Welcome Donna Harvey - New Chief Executive Officer

NEIghborhood News A MONTHLY PUBLICATION OF NORTHEAST IOWA AREA AGENCY ON AGING (NEI3A) Serving Allamakee, Black Hawk, Bremer, Buchanan, Butler, Chick...
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Serving Allamakee, Black Hawk, Bremer, Buchanan, Butler, Chickasaw, Clayton, Delaware, Dubuque, Fayette, Grundy, Hardin, Howard, Jackson, Marshall, Poweshiek, Tama, Winneshiek Counties in Iowa

Volume 34, Issue 5

In This Issue How Stressed Family Caregivers Can Care For Themselves.................. 2 Getting Your Vehicle Ready for Winter................ 2 Are Multivitamins a Waste of Money?................ 3 Caring for Each Other........ 3 Greens to Go..................... 3 Give the Gift of Independence.................... 4 Alpine Donates to NEI3A.... 4 Senior Center Events......... 4 Less Waste, More Money.... 5 Sponge Safety.................... 5 Pumpkin Apple Cake......... 5 Medicare Open Enrollment Scams............. 5 November Menus .............. 6 Senior Center Locations..... 7 Monthly Sponsors ............. 8 Sudoku/Word Find ........... 8

PO BOX 388 Waterloo, IA. 50704-0388

Non-Profit Organization U.S. Postage Paid Decorah, IA Permit No. 6

Subscribe to the NEIghborhood News........... 8

Welcome Donna Harvey New Chief Executive Officer Northeast Iowa Area Agency on Aging is pleased to announce that Donna Harvey has accepted the position as CEO. Most recently, Donna was the Director of the Iowa Department on Aging (IDA), appointed by Governor Branstad in January 2011. Previous to her appointment, Donna served as the Executive Director of Hawkeye Valley Area Agency on Aging (now part of NEI3A) for 23 years. “I am very happy that I can continue my work in the aging network where I have ‘lived’ for over 30 years by becoming the CEO of NEI3A,” Donna stated. “This will allow me to move home to spend more time with family while still being able to advocate for older persons and persons with disabilities. I look forward to building on

the great work already being done at NEI3A.” Donna is active on all levels of the aging network serving as treasurer of NASUAD (National Association of States United for Aging and Disabilities), past president of the National Association of Area Agencies on Aging and Iowa Association of Area Agencies on Aging and was a delegate to the 2005 White House Conference on Aging. She has also served as staff at a National Governor’s Association Policy Academy on Long Term Care as well as on Governor’s Task Forces in Iowa including Transit, Alzheimer’s, and Long Term Care in Iowa. Donna also served on the National Advisory Committee on Rural Health and Human Services, the National Resource Center for Human Service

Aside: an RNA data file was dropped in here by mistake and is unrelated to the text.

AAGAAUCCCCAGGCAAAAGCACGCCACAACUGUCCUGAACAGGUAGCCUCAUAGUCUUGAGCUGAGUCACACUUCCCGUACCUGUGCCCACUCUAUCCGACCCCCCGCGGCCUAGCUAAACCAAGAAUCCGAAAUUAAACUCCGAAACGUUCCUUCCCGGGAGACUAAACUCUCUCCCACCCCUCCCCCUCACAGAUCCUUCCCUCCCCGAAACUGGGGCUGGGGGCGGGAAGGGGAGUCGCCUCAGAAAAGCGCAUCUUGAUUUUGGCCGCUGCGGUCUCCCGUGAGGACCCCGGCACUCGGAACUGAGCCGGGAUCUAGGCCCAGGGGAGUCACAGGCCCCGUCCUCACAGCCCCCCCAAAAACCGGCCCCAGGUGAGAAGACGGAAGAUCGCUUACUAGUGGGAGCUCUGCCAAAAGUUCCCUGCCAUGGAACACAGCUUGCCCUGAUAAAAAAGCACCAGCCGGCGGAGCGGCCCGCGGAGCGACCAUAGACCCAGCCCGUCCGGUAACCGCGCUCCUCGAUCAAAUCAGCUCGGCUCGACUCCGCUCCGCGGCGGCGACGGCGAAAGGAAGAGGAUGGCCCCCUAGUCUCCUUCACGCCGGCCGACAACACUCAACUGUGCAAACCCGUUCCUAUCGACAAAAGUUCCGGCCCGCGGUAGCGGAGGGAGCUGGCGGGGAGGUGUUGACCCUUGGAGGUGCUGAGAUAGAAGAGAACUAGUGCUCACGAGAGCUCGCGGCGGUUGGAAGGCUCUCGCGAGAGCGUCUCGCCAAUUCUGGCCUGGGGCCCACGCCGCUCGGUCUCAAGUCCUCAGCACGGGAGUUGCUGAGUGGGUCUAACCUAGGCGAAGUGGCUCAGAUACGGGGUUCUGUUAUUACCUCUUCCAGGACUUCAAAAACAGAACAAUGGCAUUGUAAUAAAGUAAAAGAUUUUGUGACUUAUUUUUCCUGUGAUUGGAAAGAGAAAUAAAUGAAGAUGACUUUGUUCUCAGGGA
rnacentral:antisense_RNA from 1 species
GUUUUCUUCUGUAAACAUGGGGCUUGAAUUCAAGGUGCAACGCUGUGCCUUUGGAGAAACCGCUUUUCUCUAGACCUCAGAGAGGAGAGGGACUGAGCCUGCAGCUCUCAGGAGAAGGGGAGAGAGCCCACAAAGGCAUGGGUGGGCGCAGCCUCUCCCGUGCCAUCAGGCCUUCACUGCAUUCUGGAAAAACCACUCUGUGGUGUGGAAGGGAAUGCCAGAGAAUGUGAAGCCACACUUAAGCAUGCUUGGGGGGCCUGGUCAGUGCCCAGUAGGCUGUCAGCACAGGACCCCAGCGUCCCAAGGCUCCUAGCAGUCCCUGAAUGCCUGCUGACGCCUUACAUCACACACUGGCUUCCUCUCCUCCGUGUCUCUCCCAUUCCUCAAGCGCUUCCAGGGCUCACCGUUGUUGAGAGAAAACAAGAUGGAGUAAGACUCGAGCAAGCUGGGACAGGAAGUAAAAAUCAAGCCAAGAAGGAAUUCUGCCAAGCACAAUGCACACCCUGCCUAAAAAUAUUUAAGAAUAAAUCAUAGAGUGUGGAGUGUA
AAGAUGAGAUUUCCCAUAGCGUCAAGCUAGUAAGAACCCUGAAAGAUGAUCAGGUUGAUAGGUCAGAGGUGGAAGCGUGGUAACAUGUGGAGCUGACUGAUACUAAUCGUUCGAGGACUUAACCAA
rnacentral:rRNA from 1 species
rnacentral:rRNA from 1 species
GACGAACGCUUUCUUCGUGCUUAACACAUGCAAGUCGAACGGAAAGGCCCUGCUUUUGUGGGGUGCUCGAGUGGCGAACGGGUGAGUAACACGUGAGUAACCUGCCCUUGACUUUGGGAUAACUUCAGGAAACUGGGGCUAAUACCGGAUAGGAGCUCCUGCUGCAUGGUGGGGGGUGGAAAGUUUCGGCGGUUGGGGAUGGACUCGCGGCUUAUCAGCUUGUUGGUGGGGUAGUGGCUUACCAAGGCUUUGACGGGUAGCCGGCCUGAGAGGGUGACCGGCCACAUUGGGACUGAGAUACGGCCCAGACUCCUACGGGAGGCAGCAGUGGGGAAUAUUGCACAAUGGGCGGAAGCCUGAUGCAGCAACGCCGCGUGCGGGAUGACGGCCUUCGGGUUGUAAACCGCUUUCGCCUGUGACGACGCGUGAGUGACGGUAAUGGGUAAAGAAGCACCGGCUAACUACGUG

November 2016

Transportation Coordination Steering Committee, National Eldercare Locator Advisory Committee and has testified before the Select Committee on Aging and the Senate Appropriations Committee for Health and Human Services. Donna’s first day at NEI3A will be October 24. Please join us as we welcome Donna Harvey to NEI3A.

November is National Family Caregiver Month “Take Care to Give Care”

The first rule of taking care of others: take care of yourself first. Caregiving can be a rewarding experience, but it is also physically and emotionally demanding. The stress of dealing with caregiving responsibilities leads to a higher risk of health issues among the Nation’s 90 million family caregivers. So as a family caregiver, remember to pay attention to your own physical and mental wellness, and get proper rest and nutrition. Only by taking care of yourself can you be strong enough to take care of your loved one. You really do need to “take care to give care!” Caregiving can be a stressful job. Most family caregivers say they feel stressed providing care for a loved one. With all of their caregiving responsibilities – from managing medications to arranging doctor appointments to planning meals – caregivers too often put them-

selves last. The stress of caregiving impacts your own health. One out of five caregivers admit they have sacrificed their own physical health while caring for a loved one. Due to stress, family caregivers have a disproportionate number of health and emotional problems. They are twice as likely to suffer depression and are at increased risk for many other chronic conditions. Proper nutrition helps promote good health. Ensuring that you are getting proper nutrition is key to help maintain your strength, energy and stamina, as well as strengthening your immune system. Maintaining a healthy diet is one of the most powerful things you can do to take care of yourself and keep a positive attitude overall. Ensuring good nutrition for your loved one helps make care easier. As many

as half of all older adults are at risk for malnutrition. Good nutrition can help maintain muscle health, support recovery, and reduce risk for re-hospitalization – which may help make your care of a loved one easier. Remember: “Rest. Recharge. Respite.” People think of respite as a luxury, but considering caregivers’ higher risk for health issues from chronic stress, those risks can be a lot costlier than some time away to recharge. The chance to take a breather, the opportunity to re-energize, is vital in order for you to be as good a caregiver tomorrow as you were today. During National Family Caregivers Month, caregivers are encouraged to remember that to be strong enough to care for your loved one, you must Take Care to Give Care! Source: Caregiver Action Network (caregiveraction.org)